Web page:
One of the often-recurring requests on the newsgroup rec.arts.books.tolkien is from students requesting a synopsis of J.R.R. Tolkien's epic work The Lord of the Rings. The work is extremely long, and because of this many students simply can't find the time to give the work a thorough reading before giving a written report on it. In the interests of cutting down the number of requests for this material, I have written a short synopsis of the three volumes which make up the Lord of the Rings as well as an accompanying synopsis for Tolkien's posthumous book The Silmarillion.
As an added supplement, I have also listed some possible topics for term-papers and book reports for those who don't feel a desire to come up with their own.
Of course, I feel compelled to point out that a much better understanding of Tolkien's work can be achieved by reading the actual books; it's well worth the effort. If you simply don't like to read, however, I'm sure the following synopsis and suggestions will help you make the grades you obviously deserve.
Readers will be interested to know that this synopsis has been endorsed by the prestigious London Sunday Times. At least, they thought it was accurate enough for them.
The story starts with the twentieth birthday-party for Frodo Baggins,
a Hobbit who lives with his brother Sam in a mythical land called the
Shire. Frodo owns a magic Ring which makes him invisible when he wears
it, a gift from his cousin Bilbo who stole it from the hoard of a Dragon
One day the old wizard Gandalf comes to the Shire, and he tells Frodo of an evil being named Sauron who wants to capture the Ring for himself. In ages long past Sauron stole the Ring from the Elves, to protect him from the Powers of Good; but the Ring was stolen from him by a creature named Gollum,and then stolen from Gollum by the Dragons, and then from the Dragons by Bilbo, who finally gives it freely to Frodo. "Sauron has been searching for the Ring for years," Gandalf tells Frodo, "and now he has sent his ally, the evil Witch-king, to the Shire to look for it." Frodo and Sam consult with their loyal friends Merry and Pipsqueak, and when the evil Witch-king appears with his nine servants the clever hobbits trick them into going into a mushroom-patch, disorienting the witches just long enough to escape the Shire.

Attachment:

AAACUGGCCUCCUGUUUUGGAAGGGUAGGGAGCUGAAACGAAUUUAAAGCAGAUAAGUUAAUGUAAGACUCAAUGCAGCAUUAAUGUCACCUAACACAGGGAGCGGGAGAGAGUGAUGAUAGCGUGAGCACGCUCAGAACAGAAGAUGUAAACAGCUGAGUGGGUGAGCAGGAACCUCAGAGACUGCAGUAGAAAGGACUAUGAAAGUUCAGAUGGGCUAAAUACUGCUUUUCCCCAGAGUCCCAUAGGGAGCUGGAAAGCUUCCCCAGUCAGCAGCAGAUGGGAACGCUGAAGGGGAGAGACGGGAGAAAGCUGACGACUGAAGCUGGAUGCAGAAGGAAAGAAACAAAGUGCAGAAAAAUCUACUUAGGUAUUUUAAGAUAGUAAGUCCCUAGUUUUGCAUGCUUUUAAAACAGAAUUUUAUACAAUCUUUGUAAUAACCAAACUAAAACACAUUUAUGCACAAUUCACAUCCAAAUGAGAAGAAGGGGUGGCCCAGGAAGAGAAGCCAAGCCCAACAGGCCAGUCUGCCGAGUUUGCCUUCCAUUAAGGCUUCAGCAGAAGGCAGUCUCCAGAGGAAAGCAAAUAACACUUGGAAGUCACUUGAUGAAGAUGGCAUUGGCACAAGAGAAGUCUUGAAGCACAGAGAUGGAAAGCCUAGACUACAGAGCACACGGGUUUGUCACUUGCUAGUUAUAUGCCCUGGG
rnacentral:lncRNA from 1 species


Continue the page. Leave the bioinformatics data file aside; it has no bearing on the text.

But the tone of the book rapidly becomes more serious as the Witch-king and his evil servants pursue the hobbits through the forest. Frodo discovers that the witches have destroyed the village of Bree, and the Witch-king uses a magic spell to burn down the home of their old friend Tom Bombadil. Frodo, horrified, wants to go back and fight the evil witches, but at a hill called Weathertop he meets a noble man named Aragorn who convinces him to go to the city of Rivendell. "In Rivendell you will be safe from their magic," Aragorn tells him, "for Elrond is a sensible man, and does not believe in it." With that Aragorn leads them rapidly to Rivendell, with the witches in hot pursuit. As they ford the last river between them and Rivendell the Witch-king casts a spell on the river-water, causing it to rise up and try to drown them; only Frodo's quick thinking can save them, and he uses the power of the Ring to make all the water evaporate into fog. The fog is so thick that the Witch-king and his servants become hopelessly lost, and our heroes make it to the safety of Rivendell.
At Rivendell, Elrond holds a Council where the fate of the Ring is discussed. The only way to keep Sauron from recovering the Ring, they decide, is to throw it into the volcano of Mount Doom where it will be destroyed. During the Council Gandalf arrives late, saying that he had been held prisoner in the tower of Orthanc, the Wizards' Tower. Curiously, he refuses to describe how he escaped. "But it is more important than ever that we destroy the Ring," Gandalf says, "for now the other Wizards know of it, and seek it as well." He tells of how the dark wizard Saruman, once an ally of the forces of Good, has turned to evil and now controls Orthanc with an iron hand, and how the other Wizards are roaming the countryside seeking the Ring for themselves. They all agree to set out to destroy the Ring at once.
Gandalf and Aragorn agree to go with the four Hobbits, as does Glorfindel, a descendant of the ancient ruler Ar-Pharazon, and Boromir, from the Royal House of Gondor; also joining them are an Elf and a Dwarf who don't really do much in the story but are there for comic relief. Together Gandalf and his nine companions - the "Fellowship of the Ring", as they call themselves - set out for the dark land of Mordor.